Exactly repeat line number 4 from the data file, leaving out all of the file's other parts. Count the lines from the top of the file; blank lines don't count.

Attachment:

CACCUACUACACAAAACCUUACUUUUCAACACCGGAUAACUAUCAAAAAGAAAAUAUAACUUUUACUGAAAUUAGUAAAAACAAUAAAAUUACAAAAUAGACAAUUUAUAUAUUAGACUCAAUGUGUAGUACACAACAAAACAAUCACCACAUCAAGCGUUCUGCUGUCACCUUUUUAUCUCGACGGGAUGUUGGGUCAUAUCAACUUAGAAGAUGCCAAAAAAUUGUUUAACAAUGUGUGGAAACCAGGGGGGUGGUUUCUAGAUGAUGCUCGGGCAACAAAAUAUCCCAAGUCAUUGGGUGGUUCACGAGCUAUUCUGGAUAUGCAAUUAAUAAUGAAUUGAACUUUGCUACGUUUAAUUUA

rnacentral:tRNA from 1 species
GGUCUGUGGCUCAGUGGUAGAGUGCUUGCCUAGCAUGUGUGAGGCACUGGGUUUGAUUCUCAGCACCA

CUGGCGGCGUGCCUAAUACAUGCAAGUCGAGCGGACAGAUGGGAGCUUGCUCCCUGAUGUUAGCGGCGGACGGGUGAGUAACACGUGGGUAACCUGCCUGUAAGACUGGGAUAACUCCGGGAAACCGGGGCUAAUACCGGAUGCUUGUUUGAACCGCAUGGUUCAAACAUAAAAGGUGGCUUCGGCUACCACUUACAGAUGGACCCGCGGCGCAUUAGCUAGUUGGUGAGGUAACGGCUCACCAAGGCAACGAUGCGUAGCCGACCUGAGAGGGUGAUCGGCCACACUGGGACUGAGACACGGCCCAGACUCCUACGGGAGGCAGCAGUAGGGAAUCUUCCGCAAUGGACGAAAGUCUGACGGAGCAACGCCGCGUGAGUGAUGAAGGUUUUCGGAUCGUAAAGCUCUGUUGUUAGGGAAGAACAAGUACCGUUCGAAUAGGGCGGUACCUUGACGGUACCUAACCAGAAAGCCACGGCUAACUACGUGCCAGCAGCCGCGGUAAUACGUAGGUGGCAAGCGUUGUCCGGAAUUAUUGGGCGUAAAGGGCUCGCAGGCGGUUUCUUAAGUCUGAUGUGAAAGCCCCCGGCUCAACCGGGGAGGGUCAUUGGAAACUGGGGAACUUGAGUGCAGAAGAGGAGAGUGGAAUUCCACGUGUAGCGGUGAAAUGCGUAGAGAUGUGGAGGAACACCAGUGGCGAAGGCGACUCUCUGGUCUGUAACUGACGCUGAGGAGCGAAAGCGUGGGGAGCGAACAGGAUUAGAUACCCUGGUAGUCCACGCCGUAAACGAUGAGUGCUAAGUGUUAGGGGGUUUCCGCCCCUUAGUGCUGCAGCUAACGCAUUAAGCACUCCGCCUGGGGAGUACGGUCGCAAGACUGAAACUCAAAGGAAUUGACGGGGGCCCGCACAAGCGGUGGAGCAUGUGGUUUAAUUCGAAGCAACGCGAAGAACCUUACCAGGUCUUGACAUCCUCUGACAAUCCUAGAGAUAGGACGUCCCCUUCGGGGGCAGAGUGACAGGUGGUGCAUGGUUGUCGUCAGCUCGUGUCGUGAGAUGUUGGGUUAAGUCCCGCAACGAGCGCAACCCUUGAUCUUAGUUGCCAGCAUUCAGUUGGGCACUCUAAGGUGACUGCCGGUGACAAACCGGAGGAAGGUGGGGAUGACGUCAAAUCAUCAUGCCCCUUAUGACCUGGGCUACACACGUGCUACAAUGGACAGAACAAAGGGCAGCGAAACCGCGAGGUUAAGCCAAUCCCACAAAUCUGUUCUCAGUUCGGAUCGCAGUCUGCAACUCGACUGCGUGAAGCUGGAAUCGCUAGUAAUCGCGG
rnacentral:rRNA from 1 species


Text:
CUGGCGGCGUGCCUAAUACAUGCAAGUCGAGCGGACAGAUGGGAGCUUGCUCCCUGAUGUUAGCGGCGGACGGGUGAGUAACACGUGGGUAACCUGCCUGUAAGACUGGGAUAACUCCGGGAAACCGGGGCUAAUACCGGAUGCUUGUUUGAACCGCAUGGUUCAAACAUAAAAGGUGGCUUCGGCUACCACUUACAGAUGGACCCGCGGCGCAUUAGCUAGUUGGUGAGGUAACGGCUCACCAAGGCAACGAUGCGUAGCCGACCUGAGAGGGUGAUCGGCCACACUGGGACUGAGACACGGCCCAGACUCCUACGGGAGGCAGCAGUAGGGAAUCUUCCGCAAUGGACGAAAGUCUGACGGAGCAACGCCGCGUGAGUGAUGAAGGUUUUCGGAUCGUAAAGCUCUGUUGUUAGGGAAGAACAAGUACCGUUCGAAUAGGGCGGUACCUUGACGGUACCUAACCAGAAAGCCACGGCUAACUACGUGCCAGCAGCCGCGGUAAUACGUAGGUGGCAAGCGUUGUCCGGAAUUAUUGGGCGUAAAGGGCUCGCAGGCGGUUUCUUAAGUCUGAUGUGAAAGCCCCCGGCUCAACCGGGGAGGGUCAUUGGAAACUGGGGAACUUGAGUGCAGAAGAGGAGAGUGGAAUUCCACGUGUAGCGGUGAAAUGCGUAGAGAUGUGGAGGAACACCAGUGGCGAAGGCGACUCUCUGGUCUGUAACUGACGCUGAGGAGCGAAAGCGUGGGGAGCGAACAGGAUUAGAUACCCUGGUAGUCCACGCCGUAAACGAUGAGUGCUAAGUGUUAGGGGGUUUCCGCCCCUUAGUGCUGCAGCUAACGCAUUAAGCACUCCGCCUGGGGAGUACGGUCGCAAGACUGAAACUCAAAGGAAUUGACGGGGGCCCGCACAAGCGGUGGAGCAUGUGGUUUAAUUCGAAGCAACGCGAAGAACCUUACCAGGUCUUGACAUCCUCUGACAAUCCUAGAGAUAGGACGUCCCCUUCGGGGGCAGAGUGACAGGUGGUGCAUGGUUGUCGUCAGCUCGUGUCGUGAGAUGUUGGGUUAAGUCCCGCAACGAGCGCAACCCUUGAUCUUAGUUGCCAGCAUUCAGUUGGGCACUCUAAGGUGACUGCCGGUGACAAACCGGAGGAAGGUGGGGAUGACGUCAAAUCAUCAUGCCCCUUAUGACCUGGGCUACACACGUGCUACAAUGGACAGAACAAAGGGCAGCGAAACCGCGAGGUUAAGCCAAUCCCACAAAUCUGUUCUCAGUUCGGAUCGCAGUCUGCAACUCGACUGCGUGAAGCUGGAAUCGCUAGUAAUCGCGG